The House of Representatives concludes a 10-day series of hearings on the series of events that concluded with the fiery deaths of scores of Branch Davidian members near Waco, Texas (see April 19, 1993 and Late July 1995). The hearings do not find evidence of a White House-driven conspiracy to either destroy the Davidians or cover up the truth of the matter, as some Republican House members had predicted. An Orlando Sentinel article says that many of the questions from those House Republicans “seemed fueled more by politics than any true desire to ensure that the government avoid future fiascos a la Waco.” The hearings determined that President Clinton did not micro-manage the events of the siege and ultimate assault, nor did they find evidence that Clinton ordered the assault to prove, as some House members alleged, that his administration is “tough on crime.” Committee co-chair Bill McCollum (R-FL) acknowledged at the end of the hearings that the raid, siege, and final conflagration were caused by a string of blunders by federal law enforcement agencies. Attorney General Janet Reno testified as to why the FBI’s final assault seemed at the time to be the best approach; her overriding concern was to remove Davidian leader David Koresh without harming the children inside the compound. A Davidian who survived the fire testified that the fires that devastated the compound were started under orders from Koresh. [Orlando Sentinel, 8/4/1995] In emotional testimony before the House, former Bureau of Alcohol, Tobacco and Firearms (BATF) agent Robert Rodriguez, who served as an informant for the BATF inside the Davidian compound, said he was angered and dismayed by his superiors’ decision to raid the compound even though the Davidians knew they were coming (see 5:00 A.M. - 9:30 A.M. February 28, 1993). Rodriguez testified that two of his then-superiors, Philip Chojnacki and Charles Sarabyn, lied to the committee when they said they did not know that the Davidians had been alerted to the February raid. Chojnacki and Sarabyn were fired for their mismanagement of the BATF raid and for covering up evidence of their malfeasance (see Late September - October 1993), but were subsequently rehired (see December 23, 1994). Rodriguez said: “Two years I’ve waited for this.… It let me get everything out.” The events of that raid and the subsequent actions, he said, were “tearing me up inside.” [Chicago Tribune, 7/25/1995] In 1999, the FBI will admit to lobbing two pyrotechnic grenades into the compound during the April assault, though the bureau will deny that the grenades started the fires (see August 25, 1999 and After).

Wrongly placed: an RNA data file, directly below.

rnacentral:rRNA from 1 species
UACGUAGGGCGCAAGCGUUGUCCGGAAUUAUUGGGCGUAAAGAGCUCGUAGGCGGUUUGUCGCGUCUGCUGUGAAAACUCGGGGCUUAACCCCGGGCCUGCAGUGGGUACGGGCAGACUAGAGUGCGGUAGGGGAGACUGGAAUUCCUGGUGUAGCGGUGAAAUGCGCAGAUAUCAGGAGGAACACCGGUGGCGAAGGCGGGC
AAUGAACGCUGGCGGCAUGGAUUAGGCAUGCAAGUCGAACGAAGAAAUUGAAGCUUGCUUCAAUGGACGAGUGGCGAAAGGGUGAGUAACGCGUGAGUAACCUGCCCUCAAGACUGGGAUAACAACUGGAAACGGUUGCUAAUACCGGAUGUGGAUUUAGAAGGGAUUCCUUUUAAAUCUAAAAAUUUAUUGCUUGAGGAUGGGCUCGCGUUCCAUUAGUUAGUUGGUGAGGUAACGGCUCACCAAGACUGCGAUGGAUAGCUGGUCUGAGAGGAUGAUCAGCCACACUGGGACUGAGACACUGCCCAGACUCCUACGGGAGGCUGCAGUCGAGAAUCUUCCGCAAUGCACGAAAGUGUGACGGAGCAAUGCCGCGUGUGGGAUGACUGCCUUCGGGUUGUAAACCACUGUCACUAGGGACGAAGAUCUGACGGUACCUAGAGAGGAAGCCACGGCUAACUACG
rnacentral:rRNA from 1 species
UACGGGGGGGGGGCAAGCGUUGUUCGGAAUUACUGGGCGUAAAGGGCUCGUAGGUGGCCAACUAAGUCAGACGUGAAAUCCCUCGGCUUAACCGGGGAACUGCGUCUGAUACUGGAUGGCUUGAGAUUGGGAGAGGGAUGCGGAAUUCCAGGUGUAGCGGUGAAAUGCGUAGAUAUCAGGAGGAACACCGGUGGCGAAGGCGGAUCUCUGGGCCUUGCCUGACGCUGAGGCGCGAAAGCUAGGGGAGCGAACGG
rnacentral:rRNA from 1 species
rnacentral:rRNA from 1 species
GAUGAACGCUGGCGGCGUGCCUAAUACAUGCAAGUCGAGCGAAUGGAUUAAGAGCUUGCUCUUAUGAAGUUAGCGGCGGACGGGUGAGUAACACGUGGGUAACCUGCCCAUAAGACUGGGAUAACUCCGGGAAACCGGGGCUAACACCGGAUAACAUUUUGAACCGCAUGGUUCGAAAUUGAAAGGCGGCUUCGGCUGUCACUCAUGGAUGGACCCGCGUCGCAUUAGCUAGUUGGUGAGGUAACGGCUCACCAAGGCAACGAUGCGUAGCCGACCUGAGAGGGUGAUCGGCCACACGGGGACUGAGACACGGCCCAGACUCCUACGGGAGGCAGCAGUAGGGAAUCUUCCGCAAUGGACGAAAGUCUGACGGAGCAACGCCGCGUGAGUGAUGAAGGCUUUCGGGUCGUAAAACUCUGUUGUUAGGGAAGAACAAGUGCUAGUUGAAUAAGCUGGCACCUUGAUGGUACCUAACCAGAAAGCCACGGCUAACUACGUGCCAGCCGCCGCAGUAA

Entity Tags: Philip Chojnacki, Charles Sarabyn, Branch Davidians, Bill McCollum, David Koresh, Janet Reno, William Jefferson (“Bill”) Clinton, US House of Representatives, Robert Rodriguez, US Bureau of Alcohol, Tobacco, Firearms and Explosives, Federal Bureau of Investigation
Timeline Tags: 1993 Branch Davidian Crisis
House Oversight Committee holds public hearings on the Waco debacle. [Source: C-SPAN]The House Oversight Committee releases its report on the FBI’s siege and final assault on the Branch Davidian compound in Waco, Texas (see 5:00 A.M. - 9:30 A.M. February 28, 1993, March 1, 1993, and April 19, 1993). The report was prepared in conjunction with the House Judiciary Committee. The report spans investigative activities undertaken on behalf of the committees by Congressional investigators from April 1995 through May 1996; the committees took almost three months to write the final report. As part of that investigation, the Oversight Committee held 10 days of public hearings (see August 4, 1995). [House Committee on Government Reform and Oversight, 8/2/1996]
Findings - The report makes the following conclusions:
Branch Davidians Responsible for Situation, Deaths - “But for the criminal conduct and aberrational behavior of David Koresh and other Branch Davidians, the tragedies that occurred in Waco would not have occurred,” the report finds. “The ultimate responsibility for the deaths of the Davidians and the four federal law enforcement agents [referring to the federal agents slain in the February 1993 raid] lies with Koresh.” The Davidians set the fires themselves, the report finds. Moreover, the Davidians had time to leave the premises after their cohorts set the fires, and most either chose to stay or were prevented from leaving by their fellows. The 19 Davidians killed by gunfire either shot themselves, the report finds, were shot by their fellows, or were killed by “the remote possibility of accidental discharge from rounds exploding in the fire.”